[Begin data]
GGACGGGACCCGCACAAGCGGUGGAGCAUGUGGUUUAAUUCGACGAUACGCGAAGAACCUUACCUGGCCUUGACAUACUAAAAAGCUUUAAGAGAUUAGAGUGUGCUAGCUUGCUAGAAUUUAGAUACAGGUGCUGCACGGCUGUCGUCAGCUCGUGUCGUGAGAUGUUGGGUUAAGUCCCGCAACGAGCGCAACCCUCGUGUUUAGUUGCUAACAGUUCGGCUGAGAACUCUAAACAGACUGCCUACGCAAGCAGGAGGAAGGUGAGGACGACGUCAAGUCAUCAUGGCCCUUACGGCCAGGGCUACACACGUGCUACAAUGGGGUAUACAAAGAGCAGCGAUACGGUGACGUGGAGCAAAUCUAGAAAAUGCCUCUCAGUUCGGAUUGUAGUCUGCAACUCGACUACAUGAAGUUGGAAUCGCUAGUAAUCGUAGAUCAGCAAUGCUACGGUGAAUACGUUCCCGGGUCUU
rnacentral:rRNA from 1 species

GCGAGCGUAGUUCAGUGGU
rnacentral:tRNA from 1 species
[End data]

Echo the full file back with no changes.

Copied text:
GGACGGGACCCGCACAAGCGGUGGAGCAUGUGGUUUAAUUCGACGAUACGCGAAGAACCUUACCUGGCCUUGACAUACUAAAAAGCUUUAAGAGAUUAGAGUGUGCUAGCUUGCUAGAAUUUAGAUACAGGUGCUGCACGGCUGUCGUCAGCUCGUGUCGUGAGAUGUUGGGUUAAGUCCCGCAACGAGCGCAACCCUCGUGUUUAGUUGCUAACAGUUCGGCUGAGAACUCUAAACAGACUGCCUACGCAAGCAGGAGGAAGGUGAGGACGACGUCAAGUCAUCAUGGCCCUUACGGCCAGGGCUACACACGUGCUACAAUGGGGUAUACAAAGAGCAGCGAUACGGUGACGUGGAGCAAAUCUAGAAAAUGCCUCUCAGUUCGGAUUGUAGUCUGCAACUCGACUACAUGAAGUUGGAAUCGCUAGUAAUCGUAGAUCAGCAAUGCUACGGUGAAUACGUUCCCGGGUCUU
rnacentral:rRNA from 1 species

GCGAGCGUAGUUCAGUGGU
rnacentral:tRNA from 1 species